meet a lot of small business owners who are frustrated because they try one or two marketing strategies like email or blogging, and then don’t understand why those techniques don’t send them traffic.

What I tell them — and will tell you — is that you have to start with the right foundation and have marketing goals if you want to actually move the needle and get results.

Why Goal-Setting is Key

Any marketing technique you could do — from having a strong online presence to sending promotional emails — needs a tether. That tether is your plan, along with your goals. Knowing what you want to accomplish can help you measure results.

Making SMART Goals

There’s a popular strategy for setting goals that I’d like to apply to creating marketing goals. It’s the SMART strategy, which says to make your goals:

  • Specific
  • Measurable
  • Attainable
  • Relevant
  • Time-bound

So rather than saying “we want to increase sales,” to qualify your goal as SMART, you could say “we want to increase sales by 25% by the end of 4th quarter.”

Now you’ve got something to measure against when you start pulling out different strategies. I encourage you to get out a notebook and jot a few high-level goals down for your marketing. What do you hope to achieve through all the efforts you’re putting out there? Here are a few examples you can tweak:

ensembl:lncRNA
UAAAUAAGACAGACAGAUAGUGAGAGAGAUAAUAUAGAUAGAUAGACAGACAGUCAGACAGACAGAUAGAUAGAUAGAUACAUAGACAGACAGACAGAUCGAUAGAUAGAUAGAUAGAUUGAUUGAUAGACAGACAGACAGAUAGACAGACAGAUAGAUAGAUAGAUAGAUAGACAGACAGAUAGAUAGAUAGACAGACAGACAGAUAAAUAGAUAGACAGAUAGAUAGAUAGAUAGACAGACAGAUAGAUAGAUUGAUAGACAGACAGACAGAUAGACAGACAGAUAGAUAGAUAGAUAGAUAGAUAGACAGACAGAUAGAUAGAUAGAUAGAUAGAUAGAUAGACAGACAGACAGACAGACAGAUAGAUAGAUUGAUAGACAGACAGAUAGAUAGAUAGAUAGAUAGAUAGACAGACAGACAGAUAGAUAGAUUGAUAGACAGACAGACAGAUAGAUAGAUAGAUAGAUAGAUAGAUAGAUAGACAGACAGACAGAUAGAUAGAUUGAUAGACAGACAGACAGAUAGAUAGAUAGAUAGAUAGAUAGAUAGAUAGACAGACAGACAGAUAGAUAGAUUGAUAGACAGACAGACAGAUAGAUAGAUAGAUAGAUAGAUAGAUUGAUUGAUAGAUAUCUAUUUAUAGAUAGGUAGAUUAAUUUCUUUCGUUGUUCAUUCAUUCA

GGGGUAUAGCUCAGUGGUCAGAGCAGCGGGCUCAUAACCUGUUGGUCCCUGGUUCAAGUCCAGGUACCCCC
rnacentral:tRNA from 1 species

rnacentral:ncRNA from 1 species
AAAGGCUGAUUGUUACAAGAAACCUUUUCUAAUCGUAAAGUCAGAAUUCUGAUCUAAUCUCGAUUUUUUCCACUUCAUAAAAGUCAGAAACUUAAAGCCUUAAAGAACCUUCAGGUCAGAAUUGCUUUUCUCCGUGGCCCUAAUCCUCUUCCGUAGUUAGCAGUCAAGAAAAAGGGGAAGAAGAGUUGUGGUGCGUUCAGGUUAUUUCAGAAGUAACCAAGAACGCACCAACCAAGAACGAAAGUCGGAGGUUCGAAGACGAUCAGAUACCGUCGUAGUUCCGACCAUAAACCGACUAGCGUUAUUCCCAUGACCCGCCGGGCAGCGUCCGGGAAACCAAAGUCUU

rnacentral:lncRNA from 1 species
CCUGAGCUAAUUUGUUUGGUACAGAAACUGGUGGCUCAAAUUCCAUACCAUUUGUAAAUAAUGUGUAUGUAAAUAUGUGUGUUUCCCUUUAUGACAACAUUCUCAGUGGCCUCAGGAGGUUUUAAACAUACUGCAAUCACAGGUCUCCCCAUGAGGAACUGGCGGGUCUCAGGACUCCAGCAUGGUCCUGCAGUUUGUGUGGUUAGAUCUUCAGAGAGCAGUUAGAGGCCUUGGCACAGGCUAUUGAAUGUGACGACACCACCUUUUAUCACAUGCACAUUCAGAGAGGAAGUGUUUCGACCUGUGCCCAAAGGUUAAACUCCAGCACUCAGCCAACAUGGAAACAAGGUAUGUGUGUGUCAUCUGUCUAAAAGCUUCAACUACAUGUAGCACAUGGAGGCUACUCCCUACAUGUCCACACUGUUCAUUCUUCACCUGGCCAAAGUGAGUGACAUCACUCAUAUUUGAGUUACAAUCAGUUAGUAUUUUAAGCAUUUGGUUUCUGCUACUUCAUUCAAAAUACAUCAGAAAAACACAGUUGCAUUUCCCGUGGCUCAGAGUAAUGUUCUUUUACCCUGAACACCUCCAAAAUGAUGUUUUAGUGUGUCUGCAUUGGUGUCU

• Increase sales by X% over Y period
  • Boost web traffic by X% over Y period
  • Increase social followers by X% over Y period
  • Increase average sale amount by X% over Y period

You get the idea, right? Feel free to customize these example goals or create your own. There’s no limit to the goals you can have, although I’d say feasibly, it’s easier to measure if you stick to 3-5 goals.

Continually Building on Your Goals

Once you’ve set your goals, break them out into monthly, quarterly, and yearly goals, then put a reminder on your calendar at the end of each to measure results. You can look at your conversion rate, sales numbers, web traffic, and social media followers to gauge results. Once you assess how well you did in regards to those goals, consider whether you want to keep the same goal moving forward or tweak it. If you easily hit that sales goal, consider increasing it for the next time period. If a particular marketing channel didn’t net the results you wanted, switch it up or put emphasis into the channels that delivered better results.

Establishing goals for your marketing can give you a target to aim for. Only then can you truly measure whether what you’re doing is working or not.

One of your marketing goals should be to boost your social media presence. Download CorpNet’s Social Media Tips Guide for free to find out how.